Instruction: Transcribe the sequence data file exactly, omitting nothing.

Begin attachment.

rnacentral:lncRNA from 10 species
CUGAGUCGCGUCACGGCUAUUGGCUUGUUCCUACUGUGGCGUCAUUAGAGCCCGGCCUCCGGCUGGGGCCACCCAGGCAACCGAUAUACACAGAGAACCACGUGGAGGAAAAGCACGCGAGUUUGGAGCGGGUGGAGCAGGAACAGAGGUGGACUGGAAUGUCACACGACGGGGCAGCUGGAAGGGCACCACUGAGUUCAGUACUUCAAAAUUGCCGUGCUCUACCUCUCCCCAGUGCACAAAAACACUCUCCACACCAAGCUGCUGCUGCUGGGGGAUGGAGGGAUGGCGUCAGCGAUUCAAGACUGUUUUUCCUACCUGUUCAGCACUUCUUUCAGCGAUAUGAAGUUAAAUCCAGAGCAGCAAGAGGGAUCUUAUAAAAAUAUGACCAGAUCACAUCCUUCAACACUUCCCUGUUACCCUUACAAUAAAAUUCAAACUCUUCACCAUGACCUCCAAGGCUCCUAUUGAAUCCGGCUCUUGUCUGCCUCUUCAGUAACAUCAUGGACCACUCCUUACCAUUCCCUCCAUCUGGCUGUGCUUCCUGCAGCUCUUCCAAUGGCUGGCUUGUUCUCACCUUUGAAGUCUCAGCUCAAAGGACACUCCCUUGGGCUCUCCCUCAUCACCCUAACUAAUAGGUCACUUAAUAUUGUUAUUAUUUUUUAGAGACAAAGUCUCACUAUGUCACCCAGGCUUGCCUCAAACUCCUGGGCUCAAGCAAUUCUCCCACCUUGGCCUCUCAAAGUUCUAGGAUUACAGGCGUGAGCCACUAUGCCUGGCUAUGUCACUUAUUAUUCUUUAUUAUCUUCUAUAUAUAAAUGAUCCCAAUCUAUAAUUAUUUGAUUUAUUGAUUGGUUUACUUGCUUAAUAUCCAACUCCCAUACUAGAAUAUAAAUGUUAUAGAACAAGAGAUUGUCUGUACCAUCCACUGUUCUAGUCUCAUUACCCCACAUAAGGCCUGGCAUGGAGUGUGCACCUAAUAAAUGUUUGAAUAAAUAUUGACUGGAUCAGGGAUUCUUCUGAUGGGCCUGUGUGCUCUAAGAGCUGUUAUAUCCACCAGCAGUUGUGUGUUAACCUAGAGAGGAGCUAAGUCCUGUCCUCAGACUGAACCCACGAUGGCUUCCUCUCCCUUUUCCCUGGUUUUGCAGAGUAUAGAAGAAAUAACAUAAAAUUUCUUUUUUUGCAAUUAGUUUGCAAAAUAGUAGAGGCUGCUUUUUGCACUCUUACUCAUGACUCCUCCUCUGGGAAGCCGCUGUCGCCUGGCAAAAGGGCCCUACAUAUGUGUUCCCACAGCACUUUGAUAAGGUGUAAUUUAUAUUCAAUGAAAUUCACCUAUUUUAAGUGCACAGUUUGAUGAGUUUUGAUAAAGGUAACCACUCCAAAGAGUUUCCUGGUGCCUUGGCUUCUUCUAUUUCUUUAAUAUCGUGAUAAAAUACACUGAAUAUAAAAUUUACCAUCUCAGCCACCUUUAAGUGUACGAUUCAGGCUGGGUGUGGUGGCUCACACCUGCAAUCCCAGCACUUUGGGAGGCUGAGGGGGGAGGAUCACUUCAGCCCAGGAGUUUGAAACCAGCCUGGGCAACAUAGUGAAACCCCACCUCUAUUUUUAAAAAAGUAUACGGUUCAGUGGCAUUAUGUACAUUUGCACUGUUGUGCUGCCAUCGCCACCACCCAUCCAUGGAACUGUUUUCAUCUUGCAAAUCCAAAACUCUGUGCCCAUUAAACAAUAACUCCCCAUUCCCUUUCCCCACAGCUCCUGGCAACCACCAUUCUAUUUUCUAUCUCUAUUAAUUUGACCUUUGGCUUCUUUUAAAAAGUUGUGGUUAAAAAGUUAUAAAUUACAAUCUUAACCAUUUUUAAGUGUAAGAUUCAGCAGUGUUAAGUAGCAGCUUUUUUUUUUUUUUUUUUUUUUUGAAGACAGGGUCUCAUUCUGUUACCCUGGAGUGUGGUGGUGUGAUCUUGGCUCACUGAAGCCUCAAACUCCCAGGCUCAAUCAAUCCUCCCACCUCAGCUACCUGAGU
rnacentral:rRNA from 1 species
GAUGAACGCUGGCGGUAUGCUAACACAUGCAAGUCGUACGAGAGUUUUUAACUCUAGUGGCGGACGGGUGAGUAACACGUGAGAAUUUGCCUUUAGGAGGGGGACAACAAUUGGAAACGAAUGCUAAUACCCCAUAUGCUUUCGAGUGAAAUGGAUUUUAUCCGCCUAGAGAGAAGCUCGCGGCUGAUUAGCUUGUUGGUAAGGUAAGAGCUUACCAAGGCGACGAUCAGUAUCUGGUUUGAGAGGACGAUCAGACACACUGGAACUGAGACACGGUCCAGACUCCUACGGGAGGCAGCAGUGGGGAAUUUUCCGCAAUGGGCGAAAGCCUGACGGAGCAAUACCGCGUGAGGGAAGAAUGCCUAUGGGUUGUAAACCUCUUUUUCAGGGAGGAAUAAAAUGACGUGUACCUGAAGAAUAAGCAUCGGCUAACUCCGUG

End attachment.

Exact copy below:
rnacentral:lncRNA from 10 species
CUGAGUCGCGUCACGGCUAUUGGCUUGUUCCUACUGUGGCGUCAUUAGAGCCCGGCCUCCGGCUGGGGCCACCCAGGCAACCGAUAUACACAGAGAACCACGUGGAGGAAAAGCACGCGAGUUUGGAGCGGGUGGAGCAGGAACAGAGGUGGACUGGAAUGUCACACGACGGGGCAGCUGGAAGGGCACCACUGAGUUCAGUACUUCAAAAUUGCCGUGCUCUACCUCUCCCCAGUGCACAAAAACACUCUCCACACCAAGCUGCUGCUGCUGGGGGAUGGAGGGAUGGCGUCAGCGAUUCAAGACUGUUUUUCCUACCUGUUCAGCACUUCUUUCAGCGAUAUGAAGUUAAAUCCAGAGCAGCAAGAGGGAUCUUAUAAAAAUAUGACCAGAUCACAUCCUUCAACACUUCCCUGUUACCCUUACAAUAAAAUUCAAACUCUUCACCAUGACCUCCAAGGCUCCUAUUGAAUCCGGCUCUUGUCUGCCUCUUCAGUAACAUCAUGGACCACUCCUUACCAUUCCCUCCAUCUGGCUGUGCUUCCUGCAGCUCUUCCAAUGGCUGGCUUGUUCUCACCUUUGAAGUCUCAGCUCAAAGGACACUCCCUUGGGCUCUCCCUCAUCACCCUAACUAAUAGGUCACUUAAUAUUGUUAUUAUUUUUUAGAGACAAAGUCUCACUAUGUCACCCAGGCUUGCCUCAAACUCCUGGGCUCAAGCAAUUCUCCCACCUUGGCCUCUCAAAGUUCUAGGAUUACAGGCGUGAGCCACUAUGCCUGGCUAUGUCACUUAUUAUUCUUUAUUAUCUUCUAUAUAUAAAUGAUCCCAAUCUAUAAUUAUUUGAUUUAUUGAUUGGUUUACUUGCUUAAUAUCCAACUCCCAUACUAGAAUAUAAAUGUUAUAGAACAAGAGAUUGUCUGUACCAUCCACUGUUCUAGUCUCAUUACCCCACAUAAGGCCUGGCAUGGAGUGUGCACCUAAUAAAUGUUUGAAUAAAUAUUGACUGGAUCAGGGAUUCUUCUGAUGGGCCUGUGUGCUCUAAGAGCUGUUAUAUCCACCAGCAGUUGUGUGUUAACCUAGAGAGGAGCUAAGUCCUGUCCUCAGACUGAACCCACGAUGGCUUCCUCUCCCUUUUCCCUGGUUUUGCAGAGUAUAGAAGAAAUAACAUAAAAUUUCUUUUUUUGCAAUUAGUUUGCAAAAUAGUAGAGGCUGCUUUUUGCACUCUUACUCAUGACUCCUCCUCUGGGAAGCCGCUGUCGCCUGGCAAAAGGGCCCUACAUAUGUGUUCCCACAGCACUUUGAUAAGGUGUAAUUUAUAUUCAAUGAAAUUCACCUAUUUUAAGUGCACAGUUUGAUGAGUUUUGAUAAAGGUAACCACUCCAAAGAGUUUCCUGGUGCCUUGGCUUCUUCUAUUUCUUUAAUAUCGUGAUAAAAUACACUGAAUAUAAAAUUUACCAUCUCAGCCACCUUUAAGUGUACGAUUCAGGCUGGGUGUGGUGGCUCACACCUGCAAUCCCAGCACUUUGGGAGGCUGAGGGGGGAGGAUCACUUCAGCCCAGGAGUUUGAAACCAGCCUGGGCAACAUAGUGAAACCCCACCUCUAUUUUUAAAAAAGUAUACGGUUCAGUGGCAUUAUGUACAUUUGCACUGUUGUGCUGCCAUCGCCACCACCCAUCCAUGGAACUGUUUUCAUCUUGCAAAUCCAAAACUCUGUGCCCAUUAAACAAUAACUCCCCAUUCCCUUUCCCCACAGCUCCUGGCAACCACCAUUCUAUUUUCUAUCUCUAUUAAUUUGACCUUUGGCUUCUUUUAAAAAGUUGUGGUUAAAAAGUUAUAAAUUACAAUCUUAACCAUUUUUAAGUGUAAGAUUCAGCAGUGUUAAGUAGCAGCUUUUUUUUUUUUUUUUUUUUUUUGAAGACAGGGUCUCAUUCUGUUACCCUGGAGUGUGGUGGUGUGAUCUUGGCUCACUGAAGCCUCAAACUCCCAGGCUCAAUCAAUCCUCCCACCUCAGCUACCUGAGU
rnacentral:rRNA from 1 species
GAUGAACGCUGGCGGUAUGCUAACACAUGCAAGUCGUACGAGAGUUUUUAACUCUAGUGGCGGACGGGUGAGUAACACGUGAGAAUUUGCCUUUAGGAGGGGGACAACAAUUGGAAACGAAUGCUAAUACCCCAUAUGCUUUCGAGUGAAAUGGAUUUUAUCCGCCUAGAGAGAAGCUCGCGGCUGAUUAGCUUGUUGGUAAGGUAAGAGCUUACCAAGGCGACGAUCAGUAUCUGGUUUGAGAGGACGAUCAGACACACUGGAACUGAGACACGGUCCAGACUCCUACGGGAGGCAGCAGUGGGGAAUUUUCCGCAAUGGGCGAAAGCCUGACGGAGCAAUACCGCGUGAGGGAAGAAUGCCUAUGGGUUGUAAACCUCUUUUUCAGGGAGGAAUAAAAUGACGUGUACCUGAAGAAUAAGCAUCGGCUAACUCCGUG